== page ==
Evans v. Abney
Annotate this Case
396 U.S. 435 (1970)
U.S. Supreme Court
Evans v. Abney, 396 U.S. 435 (1970)
Evans v. Abney
Argued November 12-13, 1969
Decided January 26, 1970
396 U.S. 435
By his 1911 will, Senator Bacon conveyed a trust of land in Macon to the city for the creation of a park for the exclusive use of white people. This Court held, in Evans v. Newton, 382 U. S. 296, that the park could not continue to be operated on a racially discriminatory basis. The Georgia Supreme Court then held "that the sole purpose for which the trust was created has become impossible of accomplishment, and has been terminated," and remanded the case to the trial court, which held the doctrine of cy pres to be inapplicable, since the park's segregated character was an essential and inseparable part of the testator's plan. The trial court ruled that the trust failed, and that the property reverted to Senator Bacon's heirs, and the Georgia Supreme Court affirmed.
1. The state courts did no more than apply well settled principles of Georgia law to determine the meaning and effect of a Georgia will. Pp. 439-443.
2. The Georgia Supreme Court's action declaring the trust terminated did not violate any constitutionally protected rights. Pp. 396 U. S. 443-446.
(a) The termination of the trust was not the imposition of a drastic "penalty," the "forfeiture" of the park merely because of the city's compliance with the constitutional mandate of Evans v. Newton, supra, but was the result of the construction of Senator Bacon's will to the effect that Senator Bacon would rather have had the trust terminated than have had the park integrated. P. 396 U. S. 444.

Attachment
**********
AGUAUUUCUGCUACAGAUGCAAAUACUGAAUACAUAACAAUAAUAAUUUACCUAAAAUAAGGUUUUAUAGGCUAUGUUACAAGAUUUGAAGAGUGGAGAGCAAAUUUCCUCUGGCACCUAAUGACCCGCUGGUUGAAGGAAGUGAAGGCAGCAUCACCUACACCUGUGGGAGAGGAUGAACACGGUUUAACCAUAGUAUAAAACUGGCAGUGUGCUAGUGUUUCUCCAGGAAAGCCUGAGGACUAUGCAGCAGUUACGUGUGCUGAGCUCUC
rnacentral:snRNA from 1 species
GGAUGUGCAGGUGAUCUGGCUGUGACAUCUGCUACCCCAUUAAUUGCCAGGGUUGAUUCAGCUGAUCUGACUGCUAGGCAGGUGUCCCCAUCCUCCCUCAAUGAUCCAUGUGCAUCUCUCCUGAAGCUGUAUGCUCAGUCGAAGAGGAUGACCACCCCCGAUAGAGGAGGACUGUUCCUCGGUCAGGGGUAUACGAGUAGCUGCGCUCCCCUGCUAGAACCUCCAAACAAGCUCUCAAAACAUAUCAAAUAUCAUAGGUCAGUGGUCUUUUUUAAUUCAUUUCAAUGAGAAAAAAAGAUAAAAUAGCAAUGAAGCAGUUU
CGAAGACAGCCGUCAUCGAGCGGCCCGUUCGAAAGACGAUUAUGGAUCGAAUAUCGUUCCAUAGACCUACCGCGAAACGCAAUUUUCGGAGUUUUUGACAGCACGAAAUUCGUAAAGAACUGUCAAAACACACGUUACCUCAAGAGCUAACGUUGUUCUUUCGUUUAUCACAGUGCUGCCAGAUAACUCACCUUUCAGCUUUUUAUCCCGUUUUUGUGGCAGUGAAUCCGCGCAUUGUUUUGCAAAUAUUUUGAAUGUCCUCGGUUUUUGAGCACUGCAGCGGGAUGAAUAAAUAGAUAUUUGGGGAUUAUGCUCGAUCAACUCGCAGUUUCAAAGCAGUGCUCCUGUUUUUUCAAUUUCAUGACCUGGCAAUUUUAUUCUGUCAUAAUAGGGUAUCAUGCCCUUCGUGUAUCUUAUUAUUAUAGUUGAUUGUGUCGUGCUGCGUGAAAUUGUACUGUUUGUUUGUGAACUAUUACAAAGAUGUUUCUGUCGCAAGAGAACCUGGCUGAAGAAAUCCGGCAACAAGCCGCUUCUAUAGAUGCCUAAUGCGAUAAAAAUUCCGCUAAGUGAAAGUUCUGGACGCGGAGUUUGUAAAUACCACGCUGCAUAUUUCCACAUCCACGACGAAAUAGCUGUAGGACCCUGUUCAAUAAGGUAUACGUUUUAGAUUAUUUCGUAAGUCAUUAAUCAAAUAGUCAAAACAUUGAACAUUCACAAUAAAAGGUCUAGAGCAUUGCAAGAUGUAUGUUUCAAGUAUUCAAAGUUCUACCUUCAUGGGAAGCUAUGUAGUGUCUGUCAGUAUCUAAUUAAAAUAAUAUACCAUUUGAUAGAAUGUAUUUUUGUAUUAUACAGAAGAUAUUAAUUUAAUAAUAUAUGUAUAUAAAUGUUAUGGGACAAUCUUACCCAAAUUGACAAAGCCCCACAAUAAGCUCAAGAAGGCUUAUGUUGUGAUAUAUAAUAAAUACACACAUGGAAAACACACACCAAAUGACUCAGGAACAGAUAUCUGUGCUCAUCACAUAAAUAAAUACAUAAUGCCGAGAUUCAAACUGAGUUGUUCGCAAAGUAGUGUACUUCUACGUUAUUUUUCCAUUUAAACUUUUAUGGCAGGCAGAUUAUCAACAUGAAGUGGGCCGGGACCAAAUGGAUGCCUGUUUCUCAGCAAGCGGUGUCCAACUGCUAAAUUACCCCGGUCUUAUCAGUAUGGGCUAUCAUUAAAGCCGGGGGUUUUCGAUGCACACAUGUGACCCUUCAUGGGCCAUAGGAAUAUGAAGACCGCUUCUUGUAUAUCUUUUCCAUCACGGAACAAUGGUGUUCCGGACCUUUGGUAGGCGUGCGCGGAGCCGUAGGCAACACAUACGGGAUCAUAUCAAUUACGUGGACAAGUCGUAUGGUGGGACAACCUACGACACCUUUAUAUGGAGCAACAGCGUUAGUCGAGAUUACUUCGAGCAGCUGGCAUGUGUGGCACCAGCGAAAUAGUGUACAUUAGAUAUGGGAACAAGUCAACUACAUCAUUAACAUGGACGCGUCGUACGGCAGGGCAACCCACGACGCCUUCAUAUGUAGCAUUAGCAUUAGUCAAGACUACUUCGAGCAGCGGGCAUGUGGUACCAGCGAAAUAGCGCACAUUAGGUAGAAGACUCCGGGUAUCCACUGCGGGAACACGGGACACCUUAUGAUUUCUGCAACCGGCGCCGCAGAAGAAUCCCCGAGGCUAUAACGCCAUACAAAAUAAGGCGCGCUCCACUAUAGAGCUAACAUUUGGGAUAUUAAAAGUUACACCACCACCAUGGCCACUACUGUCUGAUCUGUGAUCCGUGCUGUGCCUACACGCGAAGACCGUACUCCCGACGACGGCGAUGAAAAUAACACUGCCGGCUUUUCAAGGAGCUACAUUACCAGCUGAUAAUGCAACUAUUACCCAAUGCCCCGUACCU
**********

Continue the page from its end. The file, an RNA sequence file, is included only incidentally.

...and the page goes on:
(b) This is a case where the racial restrictions were solely the product of the testator's social philosophy, not that of the State or its agent. The decision below eliminated discrimination against Negroes in the park by eliminating the park, a loss shared equally by both races. Shelley v. Kraemer, 334 U. S. 1, distinguished. P. 396 U. S. 445.
(c) There is no violation of the Fourteenth Amendment where a state court applies, without any racial animus, its normal
principles of construction to determine the testator's true intent in establishing a charitable trust and concludes, because of neutral and nondiscriminatory state trust laws, that everyone is to be deprived of the benefits of the trust. Pp. 396 U. S. 445-446.
(d) The trust "failed" under Georgia law not because of the unspoken premise that the presence of Negroes would destroy the desirability of the park for whites, but because the testator intended that the park remain forever for the exclusive use of white people. P. 396 U. S. 447.
224 Ga. 826, 165 S.E.2d 160, affirmed.